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Apple Pay VP Explains Why Launch in Canada Was Delayed

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The day Canadians have been waiting for has finally arrived: Apple Pay has expanded to Visa and MasterCard with Canadian bank support, no longer limited to American Express cardholders.

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In a lengthy interview with The Financial Post, Apple vice-president of Apple Pay, Jennifer Bailey, explained more about the mobile wallet and also detailed why there was a delay in expanding support here in Canada to our big banks.

Bailey explained Interac integration was one of the major reasons for the delay here, saying “Adding a new network to Apple Pay’s platform takes new work for both Apple and the network itself,” noting “All of the partners — the banks, Apple and the networks — have to build up this new integration and do full testing.”

Back in February, Interac announced the launch of their own Token Service Provider (TSP) for their debit network, which many suspected was preparation for Apple Pay. We now know that was indeed part of the Apple Pay roadmap. Tokenization allows one-time unique encrypted tokens to replace your debit/credit card number when using Apple Pay, adding extra security to the mobile wallet.

Avinash Chidambaram, Interac’s vice president of product and platform development, said TSP was something they’ve been working on for a long time now, saying “We have been working on it for a year and half,” adding “But we have also been working with Apple to educate them on the Canadian market [and] highlight our ubiquity.”

On top of the Interac integration issue, banks also worried about client security and being able to preserve existing client relationships, while also wanting to not have customers choose between Apple and their bank, given the tech giant’s massive brand power, notes the Post.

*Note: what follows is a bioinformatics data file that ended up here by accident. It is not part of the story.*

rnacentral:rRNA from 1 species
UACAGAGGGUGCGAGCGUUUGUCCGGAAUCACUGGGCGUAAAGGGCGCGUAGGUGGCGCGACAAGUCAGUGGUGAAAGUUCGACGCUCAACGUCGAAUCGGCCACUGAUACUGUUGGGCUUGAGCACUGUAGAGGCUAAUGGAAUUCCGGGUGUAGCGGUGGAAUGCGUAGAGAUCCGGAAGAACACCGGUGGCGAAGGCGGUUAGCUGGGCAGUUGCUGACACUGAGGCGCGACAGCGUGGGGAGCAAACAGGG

Also, interchange fees, which provides Apple a small cut from each customer transaction, appears to have been settled. Banks did not comment on financial terms of Apple Pay on Monday, notes the Post.

Bailey went on to say “We designed Apple Pay from the beginning so that the information about your transaction really is between you, your merchant and your issuer,” detailing how “When you pay in store, Apple doesn’t actually see that transaction because the credential is being initiated from your phone to the terminal, up through the network and then once approved it goes back through the payment rails.”

The vice president of Apple Pay also echoed keeping data private was the company’s priority, adding Apple is not building profiles on customers, and is not doing any form of targeted advertising either, when they use the mobile wallet.

Apple customers “have spent billions of dollars in Apple Pay”, says Bailey, noting one million new users are being added each week.

Bailey also credited the excitement Canadians expressed on social media as a sign of how badly we wanted Apple Pay, saying “If you go back and look at social media, it is a great indicator of the excitement and people’s reaction to Apple Pay,” adding “They (reach out) to partner banks saying, ‘Hey we really want you to support Apple Pay.’”

Apple said they are “thrilled” seven of Canada’s leading banks plus the Big Five are supporting Apple Pay.

This morning, RBC and CIBC were the first to support Apple Pay, allowing customers with debit, Visa and MasterCards to use the mobile wallet. TD, Scotiabank and BMO have announced Apple Pay is “coming soon”, with a launch pegged for next month. Scotiabank told us specifically “mid-June”, while BMO said “in the coming weeks”.

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